Twenty-eight participants, 15 people with PD (66.3 +/− 9.6 years; Hoehn &Yahr (H&Y) stages II and III) [54] and 13 age-matched healthy adults (66.7 +/− 9.1, years), voluntarily participated in the study. Participants were recruited through flyers, referral, and exercise groups. Age-matched healthy adults were spouses or friends of participants with PD. Telephone or in-person interviews were used to screen for eligibility. Participants were included if they were 50 to 85 years inclusive, able to ride a stationary upright bicycle and had a Montreal Cognitive Assessment (MoCA) [55] score >/= 24. Participants with PD were included if they were diagnosed by a neurologist as having PD and were in stage 2–3 H&Y [54]. Participants were excluded if they had: 1. severe hearing or visual deficit including color blindness; 2. history of stroke, traumatic brain injury or neurological disorder other than PD; 3. unstable medical condition including musculoskeletal disorders such as severe arthritis, knee surgery, hip surgery; or any other condition that the investigators determine would impair the ability to ride a stationary bicycle; 4. medical or musculoskeletal contraindications to exercise. Participants with PD were excluded if they had incapacitating tremors or dyskinesias that would limit ability to ride a stationary bicycle.


Participants attended two testing sessions lasting approximately 1 h each. The first session characterized the participants by measuring: age, gender, mental status, and lower extremity range of motion. Participants with PD were clinically rated by a trained examiner on the H&Y scale [54] and the Motor subsection (part III), of the Unified Parkinson’s Disease Rating Scale (UPDRS) [56].

The second session consisted of the bicycling protocol. Participants were seated on the bicycle with the seat height adjusted between 100 % and 110 % of the length from the greater trochanter to the floor (measured without shoes) [57]. After a 5-min warm-up, participants performed 9 trials (1 min each) of cycling divided into two blocks, Auditory (4 trials) and Visual (5 trials) (See Tables 1 and 2 for the description of trials). Each block included a baseline condition (cycling without a VE or cues) to ensure that pedaling rate changes were assessed relative to each block. Block order was counterbalanced between participants. To ensure the same frame of reference from one trial to the next, the order of trials was maintained within each block. This method of trial presentation has been used in similar studies [29].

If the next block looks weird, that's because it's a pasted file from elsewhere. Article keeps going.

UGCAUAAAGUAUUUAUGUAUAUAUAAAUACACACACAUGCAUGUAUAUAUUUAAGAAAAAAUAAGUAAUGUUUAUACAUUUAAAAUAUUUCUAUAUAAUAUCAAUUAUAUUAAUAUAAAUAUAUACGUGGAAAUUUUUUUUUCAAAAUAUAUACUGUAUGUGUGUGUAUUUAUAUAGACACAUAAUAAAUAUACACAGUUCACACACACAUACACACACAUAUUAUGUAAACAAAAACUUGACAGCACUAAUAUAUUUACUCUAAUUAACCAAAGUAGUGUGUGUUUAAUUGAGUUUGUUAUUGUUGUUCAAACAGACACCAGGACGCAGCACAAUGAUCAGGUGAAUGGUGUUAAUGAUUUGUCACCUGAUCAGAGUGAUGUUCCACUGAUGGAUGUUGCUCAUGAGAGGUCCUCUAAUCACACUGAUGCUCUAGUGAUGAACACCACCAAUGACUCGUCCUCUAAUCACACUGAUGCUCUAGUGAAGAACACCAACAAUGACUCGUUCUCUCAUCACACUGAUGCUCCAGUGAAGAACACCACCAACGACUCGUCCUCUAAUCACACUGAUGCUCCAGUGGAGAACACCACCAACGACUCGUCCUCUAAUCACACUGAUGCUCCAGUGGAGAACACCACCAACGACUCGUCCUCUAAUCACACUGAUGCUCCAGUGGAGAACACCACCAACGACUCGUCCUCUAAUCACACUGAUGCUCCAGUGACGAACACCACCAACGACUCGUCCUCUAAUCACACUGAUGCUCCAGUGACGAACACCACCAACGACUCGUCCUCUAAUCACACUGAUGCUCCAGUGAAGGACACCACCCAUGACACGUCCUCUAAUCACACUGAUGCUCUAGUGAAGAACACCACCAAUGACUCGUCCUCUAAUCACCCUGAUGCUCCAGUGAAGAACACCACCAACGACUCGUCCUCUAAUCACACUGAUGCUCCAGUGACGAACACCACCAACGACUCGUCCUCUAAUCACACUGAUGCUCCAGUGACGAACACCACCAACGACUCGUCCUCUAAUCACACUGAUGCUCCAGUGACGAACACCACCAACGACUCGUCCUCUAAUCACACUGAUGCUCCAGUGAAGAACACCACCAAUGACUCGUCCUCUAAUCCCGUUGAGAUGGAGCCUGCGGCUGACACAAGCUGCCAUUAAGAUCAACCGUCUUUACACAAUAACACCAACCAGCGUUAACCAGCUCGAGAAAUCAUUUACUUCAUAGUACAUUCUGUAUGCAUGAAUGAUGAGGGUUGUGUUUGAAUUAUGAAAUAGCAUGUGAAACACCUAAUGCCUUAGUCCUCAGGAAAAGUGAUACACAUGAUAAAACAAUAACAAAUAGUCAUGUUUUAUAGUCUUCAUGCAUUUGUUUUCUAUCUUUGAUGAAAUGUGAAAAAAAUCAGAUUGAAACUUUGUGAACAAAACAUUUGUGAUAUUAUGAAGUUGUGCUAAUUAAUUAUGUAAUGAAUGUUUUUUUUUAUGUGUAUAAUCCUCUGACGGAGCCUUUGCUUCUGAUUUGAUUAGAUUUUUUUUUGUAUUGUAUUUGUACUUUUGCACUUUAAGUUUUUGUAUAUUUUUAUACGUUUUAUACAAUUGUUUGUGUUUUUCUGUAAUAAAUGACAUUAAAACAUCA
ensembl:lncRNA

Table 1 Auditory cueing: description of trials
Table 2 Visual cueing: description of trials

The 1-min trial length was chosen to capture short-term changes in cycling behavior while minimizing the effects of fatigue on cycling rate. The Borg scale [58] was used as a rate of perceived exertion and was shown to participants immediately after completing a trial. Heart rate was monitored throughout. Readiness to continue to the next trial was determined when heart rate returned to no more than ten beats above the warm up rate. Rest between trials ranged from 1 to 3 min.

Outcome measures

The primary outcome measure was pedaling rate measured as RPMs. Pedaling rate was continuously recorded via a Bluetooth cadence sensor attached to the crankshaft of the pedal. Average cadence over the 1-min trial was calculated and used for data analysis. The first 5 s of each trial were not included in the analysis to allow participants to stabilize their cycling rate.

E. data analysis

Descriptive analyses were performed on patient characteristics: age, gender, cognitive status, disease stage, and motor assessment. Differences between groups for baseline characteristics were tested with independent t-tests. Means and standard deviations were calculated for RPM with an alpha level of 0.05 and corrected for multiple planned comparisons using a Bonferroni correction.

Auditory condition

A 2 × 5 (group x condition) repeated measures factorial ANOVA was conducted to determine between and within group differences for the auditory condition. The alpha level was corrected based on the following five planned comparisons: baseline to auditory cues, baseline to VE, baseline to auditory cues + VE, auditory cues to auditory cues + VE, VE to auditory cues + VE. To determine if the change in pedaling rate was proportional to the auditory cue rate (a 20 % increase) the percent change from baseline to each condition was calculated.

Visual condition

A 2 × 4 repeated measures factorial ANOVA was conducted to determine between and within group differences for the visual condition. The corrected alpha level in the visual condition was based on the following four planned comparisons: baseline to VE, VE to VE with visual cues, VE to VE with visual cues to 20 % faster visual cues, 20 % faster visual cues to VE with instruction. To determine if the change in pedaling rate was proportional to the visual cue rate (a 20 % increase) the percent change from baseline to each condition was calculated. IBM SPSS (Version 22) was used for all analyses.